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CITY COUNCIL.....TERM LIMITS...WHO'S DECISION SHOULD IT BE?

 
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DMCKEON
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Joined: Mar 17, 2005
Posts: 22572
Location: Staten Island

PostPosted: Tue Nov 29, 2005 10:04 pm    Post subject: CITY COUNCIL.....TERM LIMITS...WHO'S DECISION SHOULD IT BE?
From Tue Nov 29, 2005 3:00 am to Sun Dec 04, 2005 2:59 am (included)
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Did you know that the members of the City Council of New York City are contemplating eliminating the term limit rule? For some unknown reason they seem to have the power to do this without a referendum. These limits were voted on twice by the residents of NYC. It seems to me that the registered voters should be the only ones allowed to change these rules. From time to time our elected officials need to be reminded that they are elected to serve the people who put them in office.



Dennis


Last edited by DMCKEON on Thu Dec 15, 2005 3:51 pm; edited 1 time in total
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PostPosted: Thu Dec 01, 2005 6:02 pm    Post subject: 3 CHEERS FOR COUNCIMAN AVELLA Reply with quote

QUEENS COUNCILMEMBER TONY AVELLA

IS FIRST LEGISLATOR TO SPEAK AGAINST
COUNCIL PLAN TO EXTEND THEIR TERMS
IN DEFIANCE OF TWO PUBLIC REFERENDA




By Henry J. Stern
December 1, 2005

Queens Councilmember Tony Avella today became the first elected official to break ranks on the Council leaders' plan to extend their own terms of office in defiance of two public referenda.

In a "Dear Colleague" to the fifty other members, Avella wrote:

"Perhaps I am naive - perhaps I have a very different view of public service, but I find the thought of ignoring the wishes of the citizens of this city by plotting to overturn term limits offensive.

"Twice the voters have indicated their support for two four-year terms for Councilmembers. Their wishes could not have been clearer.

"I have always felt that an elected official should set an example. The worst possible self-interested action the City Council could take is to extend our own jobs by extending term limits."

Councilmember Avella is a Democrat, first elected in 2001. He won a second two year term after redistricting in 2003 and was re-elected in 2005 for a four-year term. He represents the 19th Council District, located in northeast Queens. The district is considered Democratic but moderate; it was carried by Mayor Giuliani and Mayor Bloomberg. The communities it covers include Bayside, College Point, Auburndale, Beechhurst, Whitestone, Bay Terrace, Robinwood and parts of Flushing, Douglaston and Little Neck.

Councilman Avella's decision is welcome news to those who have viewed with disdain the Council's attempt to over-rule the referenda on term limits held in 1993 and 1996. Six of the seven candidates for Speaker have embraced the plan publicly (the seventh is said to support it privately) as a way of ingratiating themselves with their colleagues.

The matter will probably be brought up when the new Council meets in January. Mayor Bloomberg has promised to veto any extension of terms without a referendum. If he does, it will be necessary for the proponents to secure 34 votes from the 51 Councilmembers to over-ride the veto. If that happens, the issue will go the courts, and eventually the Court of Appeals to decide whether, in these circumstances, the Council has the power to over-rule the people in its own interest.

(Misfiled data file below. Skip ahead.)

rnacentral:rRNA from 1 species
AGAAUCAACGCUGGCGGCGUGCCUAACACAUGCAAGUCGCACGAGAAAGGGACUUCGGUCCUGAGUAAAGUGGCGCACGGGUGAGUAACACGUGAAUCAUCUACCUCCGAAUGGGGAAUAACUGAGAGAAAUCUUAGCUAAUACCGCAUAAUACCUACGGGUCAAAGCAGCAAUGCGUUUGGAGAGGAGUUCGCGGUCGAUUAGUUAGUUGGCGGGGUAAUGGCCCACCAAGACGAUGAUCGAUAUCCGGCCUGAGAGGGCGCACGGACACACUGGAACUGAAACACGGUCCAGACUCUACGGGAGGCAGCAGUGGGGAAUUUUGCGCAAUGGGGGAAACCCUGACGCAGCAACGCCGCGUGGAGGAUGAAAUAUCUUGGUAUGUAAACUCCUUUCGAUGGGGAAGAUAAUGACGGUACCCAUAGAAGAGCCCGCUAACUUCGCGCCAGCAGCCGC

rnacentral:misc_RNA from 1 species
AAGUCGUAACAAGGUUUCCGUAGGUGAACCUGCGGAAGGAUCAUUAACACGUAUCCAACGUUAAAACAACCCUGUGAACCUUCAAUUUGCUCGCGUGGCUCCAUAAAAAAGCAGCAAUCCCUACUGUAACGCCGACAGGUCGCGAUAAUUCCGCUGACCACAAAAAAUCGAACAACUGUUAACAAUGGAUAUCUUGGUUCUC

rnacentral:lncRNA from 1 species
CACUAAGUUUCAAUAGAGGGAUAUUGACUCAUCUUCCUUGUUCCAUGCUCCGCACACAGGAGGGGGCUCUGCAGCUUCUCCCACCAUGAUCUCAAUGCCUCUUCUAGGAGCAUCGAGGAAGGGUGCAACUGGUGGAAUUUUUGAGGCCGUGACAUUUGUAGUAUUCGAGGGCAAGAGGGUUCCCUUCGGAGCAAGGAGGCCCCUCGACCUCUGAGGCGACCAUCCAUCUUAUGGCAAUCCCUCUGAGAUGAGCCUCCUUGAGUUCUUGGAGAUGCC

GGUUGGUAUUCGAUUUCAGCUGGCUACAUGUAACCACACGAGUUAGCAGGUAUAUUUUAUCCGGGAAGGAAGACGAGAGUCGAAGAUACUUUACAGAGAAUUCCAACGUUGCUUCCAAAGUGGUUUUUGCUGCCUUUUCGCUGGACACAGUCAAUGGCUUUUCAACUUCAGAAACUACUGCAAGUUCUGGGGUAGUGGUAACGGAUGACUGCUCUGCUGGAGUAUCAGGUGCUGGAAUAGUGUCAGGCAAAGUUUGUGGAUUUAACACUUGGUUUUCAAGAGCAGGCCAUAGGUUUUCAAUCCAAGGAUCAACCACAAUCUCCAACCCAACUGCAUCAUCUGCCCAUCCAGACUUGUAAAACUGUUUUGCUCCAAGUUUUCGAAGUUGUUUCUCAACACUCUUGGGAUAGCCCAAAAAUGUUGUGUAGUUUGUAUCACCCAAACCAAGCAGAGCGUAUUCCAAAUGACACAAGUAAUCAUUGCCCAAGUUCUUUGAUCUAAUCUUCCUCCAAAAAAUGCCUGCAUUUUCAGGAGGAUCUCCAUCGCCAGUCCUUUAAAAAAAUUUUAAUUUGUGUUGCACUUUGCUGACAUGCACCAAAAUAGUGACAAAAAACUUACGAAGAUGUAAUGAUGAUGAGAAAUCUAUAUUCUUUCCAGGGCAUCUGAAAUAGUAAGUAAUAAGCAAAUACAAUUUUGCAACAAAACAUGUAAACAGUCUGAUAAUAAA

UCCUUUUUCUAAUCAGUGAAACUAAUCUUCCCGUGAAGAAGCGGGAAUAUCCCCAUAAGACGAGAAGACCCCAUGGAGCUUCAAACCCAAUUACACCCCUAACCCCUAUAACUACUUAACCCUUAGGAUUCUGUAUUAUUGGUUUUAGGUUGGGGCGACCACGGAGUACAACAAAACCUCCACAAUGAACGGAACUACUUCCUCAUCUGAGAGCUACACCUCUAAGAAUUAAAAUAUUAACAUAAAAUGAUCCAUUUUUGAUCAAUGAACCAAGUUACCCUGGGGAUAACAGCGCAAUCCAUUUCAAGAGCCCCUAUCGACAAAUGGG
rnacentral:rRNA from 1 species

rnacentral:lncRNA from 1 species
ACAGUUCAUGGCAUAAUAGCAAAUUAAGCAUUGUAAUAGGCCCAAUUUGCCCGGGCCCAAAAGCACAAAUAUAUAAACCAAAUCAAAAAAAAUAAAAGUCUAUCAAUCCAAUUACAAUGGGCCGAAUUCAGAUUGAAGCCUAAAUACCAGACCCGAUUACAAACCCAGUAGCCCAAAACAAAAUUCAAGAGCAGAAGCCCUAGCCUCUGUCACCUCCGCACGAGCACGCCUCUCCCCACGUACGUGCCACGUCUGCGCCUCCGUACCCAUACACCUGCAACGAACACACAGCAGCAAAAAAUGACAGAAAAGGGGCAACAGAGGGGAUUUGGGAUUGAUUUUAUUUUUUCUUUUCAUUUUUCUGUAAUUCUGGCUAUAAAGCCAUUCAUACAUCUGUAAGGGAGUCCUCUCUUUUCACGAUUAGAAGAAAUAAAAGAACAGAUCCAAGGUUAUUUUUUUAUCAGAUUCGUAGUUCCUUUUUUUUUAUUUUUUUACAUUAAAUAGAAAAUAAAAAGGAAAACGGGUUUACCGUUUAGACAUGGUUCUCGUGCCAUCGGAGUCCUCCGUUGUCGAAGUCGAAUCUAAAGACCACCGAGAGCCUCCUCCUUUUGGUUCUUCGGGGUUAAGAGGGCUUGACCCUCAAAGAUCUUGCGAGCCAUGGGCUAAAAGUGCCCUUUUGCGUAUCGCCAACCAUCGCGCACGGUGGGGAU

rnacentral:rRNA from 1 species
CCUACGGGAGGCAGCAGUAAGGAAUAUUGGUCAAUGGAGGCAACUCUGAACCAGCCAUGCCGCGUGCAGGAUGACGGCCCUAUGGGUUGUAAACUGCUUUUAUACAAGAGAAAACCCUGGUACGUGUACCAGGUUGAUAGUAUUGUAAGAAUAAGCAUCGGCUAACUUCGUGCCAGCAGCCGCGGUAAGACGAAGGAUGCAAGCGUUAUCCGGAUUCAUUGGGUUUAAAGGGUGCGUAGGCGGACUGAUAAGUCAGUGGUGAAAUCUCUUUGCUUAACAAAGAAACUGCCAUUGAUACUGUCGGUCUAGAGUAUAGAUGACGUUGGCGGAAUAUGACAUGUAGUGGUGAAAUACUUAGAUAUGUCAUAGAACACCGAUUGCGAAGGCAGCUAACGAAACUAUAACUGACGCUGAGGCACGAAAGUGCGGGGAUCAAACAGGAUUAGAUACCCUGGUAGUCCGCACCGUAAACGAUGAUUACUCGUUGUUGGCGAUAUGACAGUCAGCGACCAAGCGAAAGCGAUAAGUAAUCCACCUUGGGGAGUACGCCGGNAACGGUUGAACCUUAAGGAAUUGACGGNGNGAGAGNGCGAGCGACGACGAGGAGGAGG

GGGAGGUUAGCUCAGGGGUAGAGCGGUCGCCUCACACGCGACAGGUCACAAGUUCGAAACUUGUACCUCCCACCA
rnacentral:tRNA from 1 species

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PostPosted: Mon Dec 05, 2005 10:46 am    Post subject: Term Limits Reply with quote

check out this site ... it's all about the term limits issue

http://www.poboss.com

He Said, She Said, He Said, He Said

At Least We Know Where They Stand

Liu, Quinn, Addabbo and Jackson On The Record
New York Sun, June 20, 2005

"Eight years is plenty of time," a council member from Queens, John Liu, said. The Democrat from Flushing said that while he has never been in favor of the concept of term limits, "The voters have already spoken in two referendums."

"We have term limits - they are called elections," another Manhattan council member, Christine Quinn, said. "Some officials stay in government a long time because that is exactly what their constituents want." Ms. Quinn, who is seeking re-election, said she would support both extending and abolishing term limits for council members.

Ms. Quinn, who indicated she was "very comfortable" about extending term limits without a popular vote, does not worry about that criticism.

"I have, since Day 1, always opposed to term limits. This has nothing to do with my term or tenure in government," she said. "I feel very comfortable being judged on my consistent position."

Council Member Joseph Addabbo Jr. of Queens disagreed.

"To change the law now where it benefits me and others, I don't think it would be fair," he said in an interview. "I would love to entertain the idea, but I think ultimately, whether we agree to do it or not, it has to go back to the people in referendum so they can vote."

Another Manhattan council member, Robert Jackson, disagreed about the need to consult the electorate.

"In my opinion, if we can do it ourselves, that's the easiest way to go," he said. "People will probably challenge it, and go through a legal process - that's the way it has been done in the past. The courts will determine it in the end."
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